Dr. Vernon K. Sondak
Vernon K. Sondak, M.D. is Chair of the Department of Cutaneous Oncology and Director of Surgical Education at the H. Lee Moffitt Cancer Center and Research Institute in Tampa, FL. He is also a Professor in the Departments of Oncologic Sciences and Surgery at the University of South Florida Morsani College of Medicine.

Presentations on December 6 to Cover ImmunoPulse Therapy and Phase II Study of Melanoma Patients 

SAN DIEGO – December 04, 2012 — OncoSec Medical Inc. (OTCBB: ONCS), a company developing its advanced-stage ImmunoPulse DNA-based immunotherapy and NeoPulse therapy to treat solid tumor cancers, announced it will be presenting at the DNA Vaccines 2012 Conference at the Loews Coronado Bay Resort in San Diego, California. OncoSec is a Silver Sponsor of the conference.

The Company will conduct two presentations within the Cancer Immune Therapy Track on Thursday, December 6:

From 11:30 AM-12:00 PM PT, Richard Heller, Ph.D., director of the Frank Reidy Research Center for Bioelectrics at Old Dominion University, will speak on “Gene Electrotransfer for the Enhanced Delivery of Immunomodulating Agents.” In this presentation, Dr. Heller will present data on electroporation and delivery of plasmids for cancer immunotherapy, a technology used in OncoSec’s ImmunoPulse therapy.

From 12:00 PM-12:30 PM PT, Adil Daud, M.D., clinical professor of medicine and dermatology and director of the melanoma program at the University of California, San Francisco, will speak on “Clinical Studies of Melanoma Therapy.” In this presentation, Dr. Daud will be reviewing previously presented interim data from OncoSec’s ongoing Phase II trial for metastatic melanoma for which he is principal investigator.

The DNA Vaccines Conference brings in an array of researchers from all corners of the world to present new cutting-edge discoveries in DNA vaccines that have never before been presented or published at any other meeting. For more information about the conference, please visit: www.bioconferences.com/conferences/dna/index.aspx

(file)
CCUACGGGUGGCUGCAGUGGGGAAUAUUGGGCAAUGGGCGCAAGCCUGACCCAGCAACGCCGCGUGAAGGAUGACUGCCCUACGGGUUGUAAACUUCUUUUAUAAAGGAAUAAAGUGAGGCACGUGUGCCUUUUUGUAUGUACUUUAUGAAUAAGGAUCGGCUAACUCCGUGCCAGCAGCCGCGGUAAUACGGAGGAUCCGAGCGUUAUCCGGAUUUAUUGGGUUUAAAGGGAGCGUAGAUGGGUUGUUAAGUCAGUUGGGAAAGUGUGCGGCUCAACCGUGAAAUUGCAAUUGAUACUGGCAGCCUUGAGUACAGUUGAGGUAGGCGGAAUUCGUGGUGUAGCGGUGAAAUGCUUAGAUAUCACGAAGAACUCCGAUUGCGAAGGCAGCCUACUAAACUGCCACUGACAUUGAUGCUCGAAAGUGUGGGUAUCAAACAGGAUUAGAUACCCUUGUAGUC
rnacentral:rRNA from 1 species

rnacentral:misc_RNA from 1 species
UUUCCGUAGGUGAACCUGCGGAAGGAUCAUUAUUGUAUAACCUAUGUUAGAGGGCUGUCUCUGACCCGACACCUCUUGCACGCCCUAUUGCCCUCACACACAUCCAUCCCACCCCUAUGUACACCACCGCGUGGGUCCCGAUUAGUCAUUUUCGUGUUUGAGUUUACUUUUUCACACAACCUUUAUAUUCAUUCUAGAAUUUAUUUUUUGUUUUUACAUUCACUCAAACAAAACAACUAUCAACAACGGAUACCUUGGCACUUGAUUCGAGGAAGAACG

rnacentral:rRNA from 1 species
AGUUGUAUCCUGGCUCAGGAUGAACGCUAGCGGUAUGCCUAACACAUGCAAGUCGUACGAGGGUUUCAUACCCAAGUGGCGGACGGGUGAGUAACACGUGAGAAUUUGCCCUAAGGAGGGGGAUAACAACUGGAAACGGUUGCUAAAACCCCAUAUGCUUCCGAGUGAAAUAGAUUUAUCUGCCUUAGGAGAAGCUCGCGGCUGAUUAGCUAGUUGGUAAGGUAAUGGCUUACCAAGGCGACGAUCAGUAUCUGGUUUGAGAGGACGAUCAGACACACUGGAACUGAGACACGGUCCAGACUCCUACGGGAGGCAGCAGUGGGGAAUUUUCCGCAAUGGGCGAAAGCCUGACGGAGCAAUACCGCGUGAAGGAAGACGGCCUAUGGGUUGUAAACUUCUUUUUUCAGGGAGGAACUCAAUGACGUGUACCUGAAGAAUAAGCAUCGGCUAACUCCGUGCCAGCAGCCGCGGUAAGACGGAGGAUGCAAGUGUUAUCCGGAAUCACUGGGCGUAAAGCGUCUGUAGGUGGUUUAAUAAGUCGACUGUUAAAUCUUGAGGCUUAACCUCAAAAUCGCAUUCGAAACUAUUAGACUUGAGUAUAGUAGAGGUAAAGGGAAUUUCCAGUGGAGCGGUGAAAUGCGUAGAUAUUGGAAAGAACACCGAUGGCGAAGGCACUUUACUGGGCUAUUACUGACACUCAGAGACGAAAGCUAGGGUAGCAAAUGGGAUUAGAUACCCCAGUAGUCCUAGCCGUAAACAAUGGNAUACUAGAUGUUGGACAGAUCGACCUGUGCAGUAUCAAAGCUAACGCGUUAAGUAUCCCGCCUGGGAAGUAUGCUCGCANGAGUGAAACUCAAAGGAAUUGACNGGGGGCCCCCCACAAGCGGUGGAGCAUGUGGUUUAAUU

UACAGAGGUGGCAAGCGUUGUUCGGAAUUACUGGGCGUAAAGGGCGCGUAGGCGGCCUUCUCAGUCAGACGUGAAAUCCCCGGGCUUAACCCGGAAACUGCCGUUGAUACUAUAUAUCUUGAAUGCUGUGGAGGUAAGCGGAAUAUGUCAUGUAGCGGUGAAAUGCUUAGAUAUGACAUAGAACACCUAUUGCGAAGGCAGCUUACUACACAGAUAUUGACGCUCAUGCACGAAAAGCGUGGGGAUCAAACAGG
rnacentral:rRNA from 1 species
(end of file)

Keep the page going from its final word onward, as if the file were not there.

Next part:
95 Percent of All Treated Tumors Demonstrated Response to ImmunoPulse Therapy

SAN DIEGO – November 15, 2012 — OncoSec Medical Inc. (OTCBB: ONCS), a company developing its advanced-stage ImmunoPulse DNA-based immunotherapy and NeoPulse therapy to treat solid tumors, announces positive preliminary results from a Phase II trial investigating the use of ImmunoPulse in metastatic melanoma patients at the 6th World Meeting of Interdisciplinary Melanoma Skin Cancer Centres & 8th EADO Congress. This preliminary interim analysis of 13 out of 25 patients supports key findings from a Phase I trial suggesting that ImmunoPulse is able to induce regression or stabilization of distant untreated metastases following a single cycle of treatment.

A total of up to 25 patients with stage III or IV cutaneous and in-transit metastatic melanoma will be enrolled in this Phase II, single-arm, open-label and multi-center study. The trial was designed to assess local and distant objective response following treatment of cutaneous melanoma lesions with ImmunoPulse. As per the protocol, a preliminary interim analysis was scheduled upon completion of 50 percent enrollment in the study.

The purpose of the analysis was to confirm safety and efficacy observed in the Phase I study. At the time of this preliminary interim analysis, 13 patients were enrolled and treated. Thirteen subjects were evaluable at Day 39, nine at Day 90, and two at Day 180. Ninety-five percent of treated lesions demonstrated response at Day 39 (5 percent progressive disease, 14 percent stable disease (SD), 42 percent partial response (PR), 39 percent complete response (CR)). All treated lesions at Day 90 (5 percent SD, 50 percent PR, 45 percent CR), and at Day 180 (33 percent PR, 67 percent CR) demonstrated a response. At Day 180, two subjects were evaluable for the primary endpoint of objective overall response (ORR). One patient has a confirmed stable disease, and the second patient has a confirmed complete response of all treated and untreated lesions. Analysis of the safety data for the subjects analyzed confirms that intratumoral administration of DNA IL-12 with electroporation is safe and well-tolerated. No related adverse events reported were greater than grade 2, and were generally limited to transient pain related to electroporation treatment.